Well done, and we’re not even close to done.

Posted on March 2nd, 2015 by

If you’re reading this, I’m going to assume that you’ve been following the Semester in Sweden and you know where we are going and what we are doing, so I’m going to take my turn to tell you some of what I, at least, am feeling.  First, a little bit about who we are.  Jeff teaches Chemistry and Environmental Studies and I work at Swanson Tennis Center and Swedish Kontur.  We have a daughter, Emma,  a sophomore in college back home, Signe, who is nearly 16, and Jorgen, who is 11 are with us on this trip.  We have two lovable boxers, Connie and Finn.  Our family lived just outside of Gothenburg, Sweden for a year in 2008-2009, while Jeff did research during his sabbatical.  We have a deep affection for this country and the true friends that we made here.  Neither Jeff nor I grew up traveling far from our small towns, but after years of uprooting ourselves for school and work (7 times in Emma’s first 7 years), it seems we’re always looking towards the horizon, while appreciating our Midwestern home.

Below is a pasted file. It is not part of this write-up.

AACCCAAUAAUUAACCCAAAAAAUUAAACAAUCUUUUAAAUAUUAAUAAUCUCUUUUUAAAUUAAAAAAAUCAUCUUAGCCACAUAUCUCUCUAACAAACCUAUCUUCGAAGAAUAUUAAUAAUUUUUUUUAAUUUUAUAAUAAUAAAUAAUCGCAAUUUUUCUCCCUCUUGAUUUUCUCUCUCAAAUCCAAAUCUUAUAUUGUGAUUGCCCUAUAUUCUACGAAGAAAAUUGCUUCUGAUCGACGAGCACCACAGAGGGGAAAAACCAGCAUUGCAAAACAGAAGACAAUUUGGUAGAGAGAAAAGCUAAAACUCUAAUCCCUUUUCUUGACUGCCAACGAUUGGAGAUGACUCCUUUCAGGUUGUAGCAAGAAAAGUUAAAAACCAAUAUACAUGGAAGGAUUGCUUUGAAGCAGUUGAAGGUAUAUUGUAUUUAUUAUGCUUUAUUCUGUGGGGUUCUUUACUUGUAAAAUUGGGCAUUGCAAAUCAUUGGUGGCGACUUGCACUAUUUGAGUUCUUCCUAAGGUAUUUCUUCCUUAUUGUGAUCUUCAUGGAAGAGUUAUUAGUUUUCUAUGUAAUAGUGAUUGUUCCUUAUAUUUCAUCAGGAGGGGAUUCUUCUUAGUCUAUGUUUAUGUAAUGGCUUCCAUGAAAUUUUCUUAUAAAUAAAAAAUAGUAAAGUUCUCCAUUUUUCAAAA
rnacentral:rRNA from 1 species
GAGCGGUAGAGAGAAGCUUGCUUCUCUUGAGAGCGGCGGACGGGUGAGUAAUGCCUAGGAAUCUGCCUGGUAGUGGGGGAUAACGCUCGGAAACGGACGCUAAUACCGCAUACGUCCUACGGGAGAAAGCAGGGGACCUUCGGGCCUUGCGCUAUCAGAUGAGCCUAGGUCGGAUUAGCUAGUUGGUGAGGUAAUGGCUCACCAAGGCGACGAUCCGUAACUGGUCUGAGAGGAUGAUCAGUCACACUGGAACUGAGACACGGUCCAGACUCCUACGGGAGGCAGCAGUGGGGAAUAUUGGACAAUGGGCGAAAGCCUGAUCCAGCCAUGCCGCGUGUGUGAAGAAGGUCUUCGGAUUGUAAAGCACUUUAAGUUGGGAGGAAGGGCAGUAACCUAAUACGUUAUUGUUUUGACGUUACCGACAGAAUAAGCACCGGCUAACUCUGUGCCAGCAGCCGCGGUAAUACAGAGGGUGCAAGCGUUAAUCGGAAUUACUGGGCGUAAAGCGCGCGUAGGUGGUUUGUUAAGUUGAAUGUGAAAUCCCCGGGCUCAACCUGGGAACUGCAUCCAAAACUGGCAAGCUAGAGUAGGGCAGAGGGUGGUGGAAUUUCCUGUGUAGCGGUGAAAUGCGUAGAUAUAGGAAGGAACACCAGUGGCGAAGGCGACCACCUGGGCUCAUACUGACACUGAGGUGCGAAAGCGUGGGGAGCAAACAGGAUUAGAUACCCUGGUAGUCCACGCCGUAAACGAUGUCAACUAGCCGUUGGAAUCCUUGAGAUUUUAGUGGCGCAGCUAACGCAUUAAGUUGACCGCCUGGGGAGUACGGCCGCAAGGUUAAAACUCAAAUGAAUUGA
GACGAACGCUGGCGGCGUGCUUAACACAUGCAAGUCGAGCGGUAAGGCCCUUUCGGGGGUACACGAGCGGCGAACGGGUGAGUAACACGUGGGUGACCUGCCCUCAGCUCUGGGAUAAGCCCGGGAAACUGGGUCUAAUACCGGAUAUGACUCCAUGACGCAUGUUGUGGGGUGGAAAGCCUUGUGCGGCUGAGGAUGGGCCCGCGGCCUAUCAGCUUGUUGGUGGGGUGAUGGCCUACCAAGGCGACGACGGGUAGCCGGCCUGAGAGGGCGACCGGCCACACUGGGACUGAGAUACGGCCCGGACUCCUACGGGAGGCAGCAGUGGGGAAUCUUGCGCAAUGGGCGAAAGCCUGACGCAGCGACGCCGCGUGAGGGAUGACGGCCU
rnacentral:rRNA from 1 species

Jeff and I enjoying nightlife in Jokkmokk, a walk around the lake.

Jeff and I enjoying nightlife in Jokkmokk, a walk around the lake.